Got a wonderful black and white photograph of your great grandmother standing in a car-free street in downtown Twerton or a shot – you found in a car boot sale – of people boarding a steam train at Bath Spa Station?
While you may treasure such images in an album you keep at home, now comes the chance to share it with the world in a wonderful new facility that gives you the opportunity of stamping your own community identity onto an on-line facility that records the changing face of places like Bristol, Bath and North East Somerset and South Gloucestershire.
Go on line via http://www.kypwest.org.uk/ and you will pick up the following information about an Heritage Lottery Funded project you can really get involved in.
‘Know Your Place is a digital heritage mapping project to help you to explore your neighbourhood online through historic maps, collections and linked information.
Know Your Place – West of England covers Gloucestershire, Somerset, Wiltshire and the former Avon area. It will provide unprecedented online access to historical maps, onto which users can add information about their local area, building a rich and diverse community map of local heritage for everyone.
The project runs until June 2017 and will provide comprehensive cover of the modern counties of South Gloucestershire, Gloucestershire, Wiltshire, North Somerset, Bath & North East Somerset and Somerset.
The project has been awarded £379,800 by the Heritage Lottery Fund, with generous match-funding and in-kind support from local authorities and heritage groups in the region, including £5,000 match-funding from the lead partner, South Gloucestershire Council.’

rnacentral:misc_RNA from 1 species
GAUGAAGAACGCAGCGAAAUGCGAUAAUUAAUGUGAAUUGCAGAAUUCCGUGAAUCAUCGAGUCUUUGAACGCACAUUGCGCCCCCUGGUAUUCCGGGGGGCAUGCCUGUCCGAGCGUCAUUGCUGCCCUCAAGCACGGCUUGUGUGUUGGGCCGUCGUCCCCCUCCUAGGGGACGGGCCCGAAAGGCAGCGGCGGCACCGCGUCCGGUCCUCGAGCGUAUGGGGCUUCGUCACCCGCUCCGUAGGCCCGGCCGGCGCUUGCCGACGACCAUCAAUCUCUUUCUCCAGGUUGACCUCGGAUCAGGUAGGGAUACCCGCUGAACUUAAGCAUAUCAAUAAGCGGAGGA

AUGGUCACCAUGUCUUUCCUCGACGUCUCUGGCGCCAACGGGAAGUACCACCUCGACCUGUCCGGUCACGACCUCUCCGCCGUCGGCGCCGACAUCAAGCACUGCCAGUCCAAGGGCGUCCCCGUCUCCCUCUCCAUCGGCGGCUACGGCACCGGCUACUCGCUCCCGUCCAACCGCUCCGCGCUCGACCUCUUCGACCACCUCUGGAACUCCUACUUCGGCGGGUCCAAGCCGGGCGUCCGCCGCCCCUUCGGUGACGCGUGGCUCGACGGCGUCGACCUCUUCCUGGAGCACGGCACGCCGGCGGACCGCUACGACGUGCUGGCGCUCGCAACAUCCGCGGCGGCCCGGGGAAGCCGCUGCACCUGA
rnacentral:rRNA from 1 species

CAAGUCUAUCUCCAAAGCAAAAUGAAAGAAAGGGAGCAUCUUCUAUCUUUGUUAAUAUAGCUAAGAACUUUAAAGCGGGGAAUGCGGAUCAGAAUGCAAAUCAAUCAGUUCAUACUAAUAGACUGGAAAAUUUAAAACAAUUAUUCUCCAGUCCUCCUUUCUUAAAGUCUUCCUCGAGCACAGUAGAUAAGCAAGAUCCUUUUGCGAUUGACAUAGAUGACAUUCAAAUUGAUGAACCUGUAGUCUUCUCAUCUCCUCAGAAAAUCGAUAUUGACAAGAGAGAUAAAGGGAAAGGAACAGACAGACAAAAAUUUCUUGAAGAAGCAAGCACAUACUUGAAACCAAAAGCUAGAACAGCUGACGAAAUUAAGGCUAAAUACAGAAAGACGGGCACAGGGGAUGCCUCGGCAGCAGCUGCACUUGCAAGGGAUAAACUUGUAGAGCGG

Here in Bath, local writer and historian Andrew Hill has been busy uploading images on to the site from the vast archives of the Museum of Bath at Work.
It’s where l met him to find out more about his efforts – and how the people of Bath and North East Somerset can get involved.
A chance also to chat to Stuart Burroughs who is the Director of the Museum of Bath at Work.
Forgive the shaky camerawork but – with space at a premium in the museum archive – the camera is being hand-held!
The website address that will bring you straight to the B&NES section is http://maps.bristol.gov.uk/kyp/?edition=banes
Andrew Hill is also the author of a book that takes an in-depth look at Bath’s retail history by exploring the rise and fall of one of its most famous commercial enterprises Cater, Stoffell and Fortt.
The Museum of Bath at Work’s website is www.bath-at-work.org.uk/